WASHINGTON - Budgetary pressures mean military compensation must be scrutinized but service members must get the best support the nation can afford, military leaders told senators May 6.
"If we do not act now to rebalance military compensation, we risk future training, readiness and modernization cuts across the joint force," Army Gen. Frank Grass, chief of the National Guard Bureau, told members of the Senate Armed Services Committee regarding Department of Defense military compensation proposals. The Army and Air National Guard combined account for 8.4 percent of defense compensation and benefit spending.
"Our success is unquestionably due to our most important resource - our people," Grass said. "Every service member - active, Guard and Reserve - deserves the best we can provide within a fiscally sound solution."
All members of the Joint Chiefs of Staff testified at the hearing on Defense Department proposals to slow the growth of pay and allowances while improving the efficiency of commissaries and health care, maintaining end-strength and readiness and investing in modernization of the joint force.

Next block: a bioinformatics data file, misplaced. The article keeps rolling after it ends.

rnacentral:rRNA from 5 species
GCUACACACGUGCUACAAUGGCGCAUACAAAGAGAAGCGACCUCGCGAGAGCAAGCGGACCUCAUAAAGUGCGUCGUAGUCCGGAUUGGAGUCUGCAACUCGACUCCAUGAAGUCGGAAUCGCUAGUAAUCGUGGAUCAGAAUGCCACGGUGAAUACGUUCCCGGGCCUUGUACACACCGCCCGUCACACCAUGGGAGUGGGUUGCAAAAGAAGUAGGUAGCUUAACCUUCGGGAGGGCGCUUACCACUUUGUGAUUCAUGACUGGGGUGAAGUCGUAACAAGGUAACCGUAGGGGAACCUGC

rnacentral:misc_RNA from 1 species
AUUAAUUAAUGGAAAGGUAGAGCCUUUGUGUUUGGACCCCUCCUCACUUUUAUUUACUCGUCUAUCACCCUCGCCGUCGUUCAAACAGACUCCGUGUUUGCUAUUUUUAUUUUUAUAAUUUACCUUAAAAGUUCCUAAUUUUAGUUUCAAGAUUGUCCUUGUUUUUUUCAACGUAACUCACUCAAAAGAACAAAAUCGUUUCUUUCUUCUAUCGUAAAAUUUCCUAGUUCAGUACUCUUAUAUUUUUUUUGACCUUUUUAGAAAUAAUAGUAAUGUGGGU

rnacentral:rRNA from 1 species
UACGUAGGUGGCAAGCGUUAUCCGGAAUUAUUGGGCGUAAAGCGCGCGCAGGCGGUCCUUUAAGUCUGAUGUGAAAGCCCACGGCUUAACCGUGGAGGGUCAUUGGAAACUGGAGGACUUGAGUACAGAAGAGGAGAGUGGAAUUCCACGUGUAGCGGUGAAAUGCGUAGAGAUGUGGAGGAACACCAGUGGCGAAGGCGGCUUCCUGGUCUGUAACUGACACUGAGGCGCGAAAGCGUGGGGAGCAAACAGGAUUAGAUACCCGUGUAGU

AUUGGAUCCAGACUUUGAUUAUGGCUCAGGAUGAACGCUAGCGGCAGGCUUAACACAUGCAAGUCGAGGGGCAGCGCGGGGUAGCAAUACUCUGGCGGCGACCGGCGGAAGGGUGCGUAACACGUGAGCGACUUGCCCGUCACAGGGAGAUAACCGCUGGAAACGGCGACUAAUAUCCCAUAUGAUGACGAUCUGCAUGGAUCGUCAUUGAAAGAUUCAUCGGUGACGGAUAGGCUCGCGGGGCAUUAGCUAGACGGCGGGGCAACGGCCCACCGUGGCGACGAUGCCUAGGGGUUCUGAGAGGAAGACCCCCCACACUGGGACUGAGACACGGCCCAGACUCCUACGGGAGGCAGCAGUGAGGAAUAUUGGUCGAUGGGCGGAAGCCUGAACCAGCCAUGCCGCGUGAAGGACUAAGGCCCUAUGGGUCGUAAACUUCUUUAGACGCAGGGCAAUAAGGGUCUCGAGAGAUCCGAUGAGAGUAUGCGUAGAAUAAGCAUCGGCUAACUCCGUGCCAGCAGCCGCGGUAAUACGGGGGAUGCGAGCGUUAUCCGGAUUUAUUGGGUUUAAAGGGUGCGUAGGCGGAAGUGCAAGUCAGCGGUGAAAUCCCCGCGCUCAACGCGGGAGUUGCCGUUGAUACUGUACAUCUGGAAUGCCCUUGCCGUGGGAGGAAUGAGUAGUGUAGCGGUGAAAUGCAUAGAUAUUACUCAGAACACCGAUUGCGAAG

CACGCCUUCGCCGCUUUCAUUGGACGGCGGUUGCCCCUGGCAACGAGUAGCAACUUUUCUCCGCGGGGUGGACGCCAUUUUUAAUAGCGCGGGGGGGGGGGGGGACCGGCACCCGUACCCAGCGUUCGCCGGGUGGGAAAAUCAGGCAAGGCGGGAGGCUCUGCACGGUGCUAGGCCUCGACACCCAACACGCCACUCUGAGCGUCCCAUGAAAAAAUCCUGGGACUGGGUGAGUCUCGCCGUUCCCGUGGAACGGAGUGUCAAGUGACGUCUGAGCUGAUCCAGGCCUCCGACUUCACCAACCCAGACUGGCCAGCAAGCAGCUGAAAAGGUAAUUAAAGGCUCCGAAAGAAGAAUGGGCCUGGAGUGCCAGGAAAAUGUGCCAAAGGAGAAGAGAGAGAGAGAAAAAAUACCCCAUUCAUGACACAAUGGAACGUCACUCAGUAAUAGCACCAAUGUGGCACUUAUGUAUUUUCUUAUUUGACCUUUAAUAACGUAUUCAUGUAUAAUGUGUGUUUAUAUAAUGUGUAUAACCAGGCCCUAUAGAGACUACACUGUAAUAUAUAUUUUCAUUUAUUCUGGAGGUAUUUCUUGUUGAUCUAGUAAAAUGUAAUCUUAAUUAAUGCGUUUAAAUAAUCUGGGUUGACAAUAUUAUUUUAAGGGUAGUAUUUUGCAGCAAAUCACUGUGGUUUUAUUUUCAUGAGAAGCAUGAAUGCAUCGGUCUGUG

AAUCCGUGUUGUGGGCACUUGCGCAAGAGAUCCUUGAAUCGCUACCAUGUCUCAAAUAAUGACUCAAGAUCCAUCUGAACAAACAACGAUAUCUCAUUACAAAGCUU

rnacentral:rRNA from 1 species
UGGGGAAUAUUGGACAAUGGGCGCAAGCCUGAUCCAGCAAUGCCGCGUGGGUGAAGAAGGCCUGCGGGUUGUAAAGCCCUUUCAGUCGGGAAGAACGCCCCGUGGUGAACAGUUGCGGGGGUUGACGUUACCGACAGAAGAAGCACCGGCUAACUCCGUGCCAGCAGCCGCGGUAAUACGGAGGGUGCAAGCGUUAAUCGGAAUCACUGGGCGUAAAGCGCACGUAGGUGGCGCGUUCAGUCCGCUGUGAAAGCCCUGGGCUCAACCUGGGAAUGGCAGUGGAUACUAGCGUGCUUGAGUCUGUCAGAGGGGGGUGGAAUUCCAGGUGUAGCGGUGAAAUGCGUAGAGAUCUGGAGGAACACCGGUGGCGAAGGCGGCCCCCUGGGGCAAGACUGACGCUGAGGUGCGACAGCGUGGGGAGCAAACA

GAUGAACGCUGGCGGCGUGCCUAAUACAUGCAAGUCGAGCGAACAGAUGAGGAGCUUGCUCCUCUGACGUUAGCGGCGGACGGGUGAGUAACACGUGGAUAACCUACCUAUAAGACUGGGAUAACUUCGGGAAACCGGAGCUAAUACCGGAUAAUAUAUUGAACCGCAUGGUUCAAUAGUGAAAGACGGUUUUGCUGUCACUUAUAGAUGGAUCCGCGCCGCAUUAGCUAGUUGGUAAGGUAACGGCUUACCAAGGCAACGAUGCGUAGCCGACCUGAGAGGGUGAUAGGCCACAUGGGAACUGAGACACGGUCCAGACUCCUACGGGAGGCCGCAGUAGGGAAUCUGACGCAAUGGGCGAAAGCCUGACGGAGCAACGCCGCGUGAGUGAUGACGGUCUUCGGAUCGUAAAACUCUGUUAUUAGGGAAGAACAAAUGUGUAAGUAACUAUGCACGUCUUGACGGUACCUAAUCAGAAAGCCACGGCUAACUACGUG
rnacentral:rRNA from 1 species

"Our people are our greatest strength, and they do deserve the best support we can provide," said Army Gen. Martin Dempsey, chairman of the Joint Chiefs of Staff.
"Pay and compensation benefits must remain competitive in order for us to recruit and retain the very best for our Army and the joint force," said Army Gen. Raymond Odierno, Army chief of staff.
Defense Department leaders have emphasized that changes in military compensation would not have a negative impact on service members.
The Army and Air National Guard serve as the primary combat reserve to their active duty components and are the nation’s first military responders in times of domestic crisis.
"The Guard we have today is equipped, trained and tested over the past 12 years of combat," Grass said. "I believe the proposal before you provides the level of compensation and is consistent with a ready and modern force."